Today I finally did two things that I really wanted to do: Run along EDSA and do my first half-marathon—all this first day of February.
Inspired by Team Bald Runner’s runabout in EDSA (Pasay City to Monumento) and motivated by GF405 I finally amassed some guts to finally do it, even if I had to do it alone. I’m not exactly copying their feat—all I wanted was to run along the route of MRT, from North Ave. all the way to Pasay City, possibly even up to the Mall of Asia, and perhaps even make it to a full half-marathon distance. I decided to run on the South-bound side where there are less malls and Team Bald Runner used this side on their runabout so it’s tested. But unlike their team I started on North Ave. southward-bound.
Preparing for a runabout
Since I’d be running along a national road with no water stations and no support crew I had to be self-sufficient, like in trails. My hydration bag was perfect for this occasion—I was able to bring plenty of fluids, about 2 liters of water; bring along extra clothes, sports drink, some snacks, cellphone, wallet, and all other items I deemed necessary. The bag does get heavy after packing all these items in, most of it is due to the weight of the water, but it was very comfortable to wear so it was just like putting on a few extra pounds. I even brought along a camera to share this unique challenge to everyone.
Here are some special GF405 settings I used for this runabout:
- Auto Lap: ON; every 1K
- Auto Pause: ON; when stopped
I wanted to compare my data per kilometer so I’ve set an auto lap per kilometer. Auto pause was turned on when stopped because I’ll be encountering a lot of forced stops during this run: traffic lights, pedestrian traffic, taking pictures, etc.—I wanted to measure the actual time spent running and compare it with actual time consumed to get the total time for stops and rests.
Trailing the train
I started my runabout on North Ave. because it was much closer to me than Pasay. I started later than planned because of logistical problems but at 6:23AM I was on my way. Since this wasn’t a race I’ve no problem running on a relaxed pace—what mattered was the distance. I intend to trail MRTs route and find out exactly how long this train’s course is.
The sidewalks of EDSA along Quezon City were actually better than I expected: it was wide enough in and clean general. The only narrow areas were in Santolan and the not-so-clean part was in Cubao. It was pretty much a climb up until Cubao. MRT stations, 5: North Ave., Quezon Ave., GMA-Kamuning, Cubao, and Santolan.
San Juan City
The cleanest and widest sidewalks I found along EDSA were within San Juan, mostly because these areas are fronted by vendors of luxury cars and commercial establishments. It was a very nice section to run onto because it was a bit downhill and since it was a Sunday there’s not much parked cars in the area. No MRT stations here.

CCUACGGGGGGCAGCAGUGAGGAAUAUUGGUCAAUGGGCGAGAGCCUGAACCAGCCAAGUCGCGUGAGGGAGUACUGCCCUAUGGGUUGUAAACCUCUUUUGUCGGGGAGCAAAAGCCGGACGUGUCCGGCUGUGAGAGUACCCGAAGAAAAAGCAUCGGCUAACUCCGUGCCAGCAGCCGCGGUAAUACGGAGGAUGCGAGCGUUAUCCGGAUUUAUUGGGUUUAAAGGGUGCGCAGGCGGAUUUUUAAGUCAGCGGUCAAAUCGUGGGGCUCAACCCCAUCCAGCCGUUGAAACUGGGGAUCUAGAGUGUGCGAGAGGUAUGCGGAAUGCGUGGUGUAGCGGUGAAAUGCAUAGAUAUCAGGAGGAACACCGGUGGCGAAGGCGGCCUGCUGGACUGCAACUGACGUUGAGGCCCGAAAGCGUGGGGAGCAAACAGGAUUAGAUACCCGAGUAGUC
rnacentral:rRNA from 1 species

Sidewalks get narrower with a lot of obstructions. A lot of area looked like construction sites. MRT stations, 2: Ortigas, and Boni Ave.
This city has got the worst sidewalk along EDSA: the narrowest and darkest parts are here. One part just before entering Makati CBD was so narrow and was fenced to add difficulty that only a very thin person walking sideways can pass! The darkest part was below MRT Makati station—it actually took my eyes some time to adjust to the darkness when I entered the area. MRT stations, 4: Guadalupe, Buendia, Makati, and Magallanes.
The sidewalks of Pasay City are walkable; it was wide enough at some places but there are a lot of obstructions as well. For a place with so many pedestrians the sidewalks should be wider. MRT station: Taft Ave., end of the line.
Trailing MRT’s route wasn’t a walk in the park. EDSA’s terrain was quite interesting to say the least so you can’t say it’s an easy run (add to that so much obstructions and open canals along the way). There are interesting parts and there are long boring parts. It was interesting that it was like a tour: 5 cities in one run, each city having its own distinct character. It was not interesting on parts that I call the “deserts”—parts that have nothing to see but white walls, no shelter from the heat whatsoever, and because of the same white walls the heat of the sun bounces back at you. All of these “deserts” are found in Makati, also the land of half sidewalks.
Still need MoA (more)
After reaching MRTs end of the line at Pasay I found my mileage a bit short—only about 17.5K. Since I know I still have some juice in me I decided to continue and finally attempt a half-marathon (21K). I continued my relaxed-paced run towards Roxas Blvd. which formally marked the end of EDSA. I took a little break on a spot just before crossing the flyover. I wasn’t able to consume the bars that I brought so it was a good time to load up on some calories. After all I still am a few kilometers short.
I’m not sure what the road’s name is beyond this point but it leads to my next target: the country’s largest mall, SM Mall of Asia. It’s also a popular race destination so I know I can complete my shortcomings here.
Upon my approach to the mall I found that I’m still about 2K short! Thankfully Sunset Blvd. was now developed much like Manila’s old Baywalk so running alongside Manila Bay was more interesting. Here I also found some joggers and bikers alike so I wasn’t “alone” anymore!
I almost run out of interesting area when I finally finished my run—21.11K, 2:20:15 (running time), 6:39/km average pace. I made sure that I completed a full half-marathon distance since it was already there, and what a beautiful place it was to end this long run.
Garmin data and Google Maps of my route coming soon!